The Silk Roads: A New History of the World — Peter Frankopan

The history of the relationship between Eastern and Western civilization duly focuses on Central Asia, and the result is both enlightening and timely

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My history education up to (and even throughout) college was mostly focused on Western civilization. I don’t think this was the fault of anyone but myself. I know my curriculum through 6th grade incorporated the history of China and the Middle East. I just did not have the interest at the time, or maybe I didn’t have a thorough enough background knowledge for it to click with me. In college I even preferred my history courses to focus on the United States in some way. My honors humanities courses took me out of my comfort zone, but for the most part I drifted back into that same comfort zone afterward. What changed me and caused me to think about the world in a more inclusive way was when, in successive semesters of my junior year, I took a course on the Song dynasty of China and one called The US and Vietnam. Both ignited a passion specifically for the history of Asia. Fast forward to today, and I am a world history teacher that also teaches AP World History. Both courses require extensive focus on non-Western history. AP World suggests spending no more than 20% of class time on Western civilization (I bend this a little to spend more time in Latin America, a region important to my student population). Even despite this and all the knowledge I have gained about non-Western history in the interim, I still sometimes struggle to steer the curriculum away from the Roman Empire, the Middle Ages, and the Renaissance. I want to focus more on Tang and Song China, the Islamic Empire, the Mauryans and Guptas, Mali, Ghana, Ethiopia, and the like. I want my students to catch the importance of something I didn’t until later.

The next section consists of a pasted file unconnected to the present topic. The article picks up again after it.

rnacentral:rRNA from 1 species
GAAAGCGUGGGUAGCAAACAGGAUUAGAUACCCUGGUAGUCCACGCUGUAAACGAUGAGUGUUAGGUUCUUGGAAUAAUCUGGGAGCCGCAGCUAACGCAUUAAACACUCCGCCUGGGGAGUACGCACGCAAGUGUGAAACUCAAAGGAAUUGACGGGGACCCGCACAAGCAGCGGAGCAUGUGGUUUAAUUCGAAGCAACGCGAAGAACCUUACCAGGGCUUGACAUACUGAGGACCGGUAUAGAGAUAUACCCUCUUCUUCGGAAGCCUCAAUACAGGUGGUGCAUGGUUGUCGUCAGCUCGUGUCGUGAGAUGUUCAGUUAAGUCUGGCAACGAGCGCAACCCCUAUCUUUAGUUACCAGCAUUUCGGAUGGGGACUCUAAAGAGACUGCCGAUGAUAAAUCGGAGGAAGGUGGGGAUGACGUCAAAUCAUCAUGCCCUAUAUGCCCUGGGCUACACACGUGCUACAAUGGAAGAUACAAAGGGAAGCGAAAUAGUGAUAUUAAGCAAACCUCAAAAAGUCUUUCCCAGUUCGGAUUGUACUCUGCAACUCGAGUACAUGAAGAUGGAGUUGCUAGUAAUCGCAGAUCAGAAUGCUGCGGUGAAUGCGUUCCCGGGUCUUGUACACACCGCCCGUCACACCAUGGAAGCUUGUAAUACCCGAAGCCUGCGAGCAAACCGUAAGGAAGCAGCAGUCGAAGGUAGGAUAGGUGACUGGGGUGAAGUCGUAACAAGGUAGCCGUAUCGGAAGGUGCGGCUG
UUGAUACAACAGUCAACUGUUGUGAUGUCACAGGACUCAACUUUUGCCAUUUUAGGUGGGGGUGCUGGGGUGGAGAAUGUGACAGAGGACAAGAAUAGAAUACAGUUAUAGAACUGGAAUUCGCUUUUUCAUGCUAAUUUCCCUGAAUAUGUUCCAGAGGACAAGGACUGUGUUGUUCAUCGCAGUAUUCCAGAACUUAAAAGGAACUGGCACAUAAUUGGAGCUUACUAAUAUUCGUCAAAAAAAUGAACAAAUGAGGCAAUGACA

And then I read Peter Frankopan’s “The Silk Roads: A New History of the World”, and I realized I was still woefully underestimating the importance of yet another region of the world: Central Asia. Lovers of history know the Mongols, and my students love the Mongols if only because of John Green’s running joke in his Crash Course World History videos. But what else could most amateurs tell us about the history of this region between the years of the Persian empire and the 20th century? Frankopan fills in the blanks, but in a way that is constantly connecting familiar Western history with the history of the East. He shows how invaluable Central Asia was in its interaction with the West and the growth of our now-global society.

The general region of focus in Peter Frankopan’s “The Silk Roads”

My favorite recurring point of Frankopan’s argument is that Europe was “little more than a sideshow” of history until the 16th century. Where everything was “happening” was in Southwest, Central, and Eastern Asia. It is only in retrospect that we emphasize European history because of its immense impact on our lives. However, it is believed that 2% of the world’s population right now are direct descendants of Genghis Khan. And that is just one figure from the immense history of the East. As we become more globalized, and as countries like China, India, Japan, and South Korea begin to dominate more of the economy, it is wise to learn something about the history of the people with whom we will have increasing contact. The Silk Roads is one good step toward that self-education.

If there was anything I didn’t like about The Silk Roads, it was the marketed description of focusing on “the East” when China and India are only tangential players. There is almost no mention of China after the Communist Revolution, for instance. However, I was quickly swayed by Frankopan’s evidence that Central Asia is undeniably worthy of even more study and that this region is now returning to prominence. Iraq, Iran, Pakistan, and Syria have only been growing in importance in the half-century due to shifting power balances and regime changes. They deserve all the study from historians that they can get.



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Jason Park

Jason Park

Book-reviewer, AP World History and AP Psychology Teacher. MAT Secondary Social Studies, University of Arkansas. Arlington, TX.